El Camino’s enrollment issues are on the mend

As COVID-19 restrictions subside, El Camino enrollment rates have decreased by 29.9%, causing the institution to spring into action to incentivize higher enrollment.

According to the California Community College Chancellor’s Office website, during the fall of 2019, the total number of students at El Camino College was 24,366 and as of spring of 2022, the total was 17,083.

Political science major and student employee for the Student Services building, Samantha Gonzalez, 19, said that the college can facilitate an increase in enrollment rates by adding more classes that don’t require textbooks.

Gonzalez said that El Camino’s vaccination requirement for eligibility to attend campus classes “discourages” students who want to take classes in person.*

According to Dean of Enrollment Services Robin Dreizler, the problem is a statewide enrollment shortage causing fewer students to attend college. The current downtrend, however, has seen an increase in enrollment for the fall semester.

Dreizler said the college administration is adapting to students’ needs. Whether it be online, in person or a hybrid course allowing students to attend classes both online and in person, El Camino has multiple options for numerous classes available for students who prefer flexibility.

El Camino College recently rolled out a new program called the Tuition Relief Program. The program provides tuition-free courses to students for the current fall semester, in addition to the past summer semester.

The last day to apply for the Tuition Relief Program is Sunday, Sept. 11, at 11:59 p.m.

To qualify, students must submit an admission application and apply for FAFSA or CADAA (California Dream act). Students must be also enrolled in at least six units in the fall of 2022.

“Students don’t have to be eligible for FAFSA,” Dreizler said about the requirements for the Tuition Relief Program. The reason why applying for financial aid is a requirement is because the administration wants to make sure that the students were using their “dollars” first.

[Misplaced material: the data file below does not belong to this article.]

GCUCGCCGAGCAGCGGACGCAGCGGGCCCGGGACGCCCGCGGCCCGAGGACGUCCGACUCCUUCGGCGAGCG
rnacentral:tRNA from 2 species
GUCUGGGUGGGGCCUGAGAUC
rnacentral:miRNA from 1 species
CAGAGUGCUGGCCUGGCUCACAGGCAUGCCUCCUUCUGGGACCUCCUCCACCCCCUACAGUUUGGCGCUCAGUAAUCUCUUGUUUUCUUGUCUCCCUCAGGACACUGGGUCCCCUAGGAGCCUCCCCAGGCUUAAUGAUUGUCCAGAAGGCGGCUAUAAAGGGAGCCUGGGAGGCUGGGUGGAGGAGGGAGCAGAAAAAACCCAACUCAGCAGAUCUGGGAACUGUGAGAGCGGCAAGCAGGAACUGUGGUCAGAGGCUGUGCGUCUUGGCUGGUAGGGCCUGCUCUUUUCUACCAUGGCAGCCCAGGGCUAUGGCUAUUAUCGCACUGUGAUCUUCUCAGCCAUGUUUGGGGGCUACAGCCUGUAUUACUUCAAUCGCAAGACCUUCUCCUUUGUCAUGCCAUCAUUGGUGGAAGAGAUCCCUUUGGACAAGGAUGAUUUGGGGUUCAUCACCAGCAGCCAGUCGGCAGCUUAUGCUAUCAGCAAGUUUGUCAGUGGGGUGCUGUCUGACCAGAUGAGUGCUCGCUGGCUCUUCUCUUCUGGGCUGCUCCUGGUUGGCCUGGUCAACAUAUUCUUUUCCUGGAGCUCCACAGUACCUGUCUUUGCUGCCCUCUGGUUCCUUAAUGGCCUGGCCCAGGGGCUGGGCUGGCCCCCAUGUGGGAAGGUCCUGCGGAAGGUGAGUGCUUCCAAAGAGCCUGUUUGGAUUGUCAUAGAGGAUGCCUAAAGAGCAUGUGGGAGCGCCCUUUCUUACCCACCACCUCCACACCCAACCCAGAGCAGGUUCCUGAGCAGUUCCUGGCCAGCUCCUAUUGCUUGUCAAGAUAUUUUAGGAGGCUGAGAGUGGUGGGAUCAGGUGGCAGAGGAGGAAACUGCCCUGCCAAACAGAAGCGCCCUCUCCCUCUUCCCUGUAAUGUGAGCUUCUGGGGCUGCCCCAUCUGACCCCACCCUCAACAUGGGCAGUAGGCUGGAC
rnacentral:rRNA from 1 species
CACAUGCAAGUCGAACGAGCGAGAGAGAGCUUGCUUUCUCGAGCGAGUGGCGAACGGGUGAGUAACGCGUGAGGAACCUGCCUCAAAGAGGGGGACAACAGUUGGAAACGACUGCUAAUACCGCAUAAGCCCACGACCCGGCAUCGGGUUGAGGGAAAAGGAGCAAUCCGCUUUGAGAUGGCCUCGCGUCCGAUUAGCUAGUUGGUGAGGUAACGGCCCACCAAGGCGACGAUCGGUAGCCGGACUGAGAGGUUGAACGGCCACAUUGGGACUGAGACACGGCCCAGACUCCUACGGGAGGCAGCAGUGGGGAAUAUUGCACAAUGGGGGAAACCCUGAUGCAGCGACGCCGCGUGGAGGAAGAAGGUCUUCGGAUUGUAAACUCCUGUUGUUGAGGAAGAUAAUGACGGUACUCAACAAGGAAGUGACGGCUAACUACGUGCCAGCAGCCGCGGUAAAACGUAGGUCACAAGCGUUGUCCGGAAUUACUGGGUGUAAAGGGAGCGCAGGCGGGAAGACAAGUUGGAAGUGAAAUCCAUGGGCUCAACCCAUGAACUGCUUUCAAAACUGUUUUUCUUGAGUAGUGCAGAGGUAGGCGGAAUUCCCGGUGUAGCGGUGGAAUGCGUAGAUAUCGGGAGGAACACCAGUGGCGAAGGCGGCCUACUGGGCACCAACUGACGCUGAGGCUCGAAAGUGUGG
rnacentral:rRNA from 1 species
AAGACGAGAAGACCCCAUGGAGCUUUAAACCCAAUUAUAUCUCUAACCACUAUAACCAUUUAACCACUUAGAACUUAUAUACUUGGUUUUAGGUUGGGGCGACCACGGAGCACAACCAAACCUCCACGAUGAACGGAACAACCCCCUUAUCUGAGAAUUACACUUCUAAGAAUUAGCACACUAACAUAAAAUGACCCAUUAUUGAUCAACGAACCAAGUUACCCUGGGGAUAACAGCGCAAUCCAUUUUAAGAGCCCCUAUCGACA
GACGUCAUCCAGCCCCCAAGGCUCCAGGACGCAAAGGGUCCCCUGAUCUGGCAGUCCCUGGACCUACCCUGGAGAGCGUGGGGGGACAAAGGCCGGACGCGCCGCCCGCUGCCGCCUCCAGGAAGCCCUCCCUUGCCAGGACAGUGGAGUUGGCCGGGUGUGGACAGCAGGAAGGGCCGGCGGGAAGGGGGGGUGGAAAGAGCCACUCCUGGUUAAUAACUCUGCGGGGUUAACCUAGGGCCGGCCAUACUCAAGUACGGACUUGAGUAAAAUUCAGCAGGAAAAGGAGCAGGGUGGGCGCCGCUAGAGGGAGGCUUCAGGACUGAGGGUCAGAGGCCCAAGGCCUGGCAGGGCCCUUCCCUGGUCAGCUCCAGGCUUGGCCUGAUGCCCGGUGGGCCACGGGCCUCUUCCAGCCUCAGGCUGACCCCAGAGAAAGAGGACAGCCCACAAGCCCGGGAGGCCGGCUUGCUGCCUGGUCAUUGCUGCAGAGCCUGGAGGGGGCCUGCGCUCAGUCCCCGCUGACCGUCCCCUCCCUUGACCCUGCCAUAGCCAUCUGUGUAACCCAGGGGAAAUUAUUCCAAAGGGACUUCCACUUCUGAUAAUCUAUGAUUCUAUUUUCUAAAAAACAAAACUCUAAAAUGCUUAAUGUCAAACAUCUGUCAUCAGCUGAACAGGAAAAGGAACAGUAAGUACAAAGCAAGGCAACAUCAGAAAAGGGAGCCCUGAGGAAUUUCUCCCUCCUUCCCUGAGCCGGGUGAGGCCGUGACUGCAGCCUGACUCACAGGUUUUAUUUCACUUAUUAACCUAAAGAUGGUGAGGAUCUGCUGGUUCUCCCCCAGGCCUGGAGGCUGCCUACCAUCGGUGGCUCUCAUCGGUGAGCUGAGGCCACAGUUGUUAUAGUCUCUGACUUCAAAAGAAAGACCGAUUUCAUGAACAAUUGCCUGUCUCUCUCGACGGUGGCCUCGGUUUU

Further efforts to increase enrollment include a new call center, located within the Welcome Center inside of the Student Services Building. The call center was created to reach out to past, current and present students who have outstanding student balances.

Carlos Lopez, Vice President of Academic Affairs, acknowledged that all California Community Colleges are currently on emergency allowance funding which was emplaced to help community colleges since enrollment was stagnant even before COVID-19.

“As of now, for the fall term, we are 54% back on campus and 43% fully online,” Lopez said.

Lopez confirmed that the other “leftover” percentage are students enrolled in the Dual Enrollment classes that El Camino offers to High school students.

The Dual Enrollment program allows high school students to enroll in classes at El Camino College, enrollment fees are waived for students who apply.

Last year, the state budget allowed colleges three years to rebuild enrollment rates.

El Camino’s new funding base is expected to be set in the 2024-25 academic year, depending on how well the college rebuilds its enrollment rate.

“The expectation is for COVID to go from a pandemic to an endemic, as community colleges renormalize after the pandemic, that enrollment is expected to start back up…” Lopez said.

Lopez said that El Camino College is planning on keeping its selection of courses as substantial as possible as the college prepares for more students to return.

Part-time professors have not been affected by the enrollment rates issue, since classes are available both on campus and online allowing part-time faculty to continue teaching.

El Camino College has been under a lot of pressure to maintain as many classes as possible. Classes that have fewer than 10 students are kept open due to insufficient enrollment.

“If we’re going to be ready for students to come back, we have to have the classes for them,” Lopez said.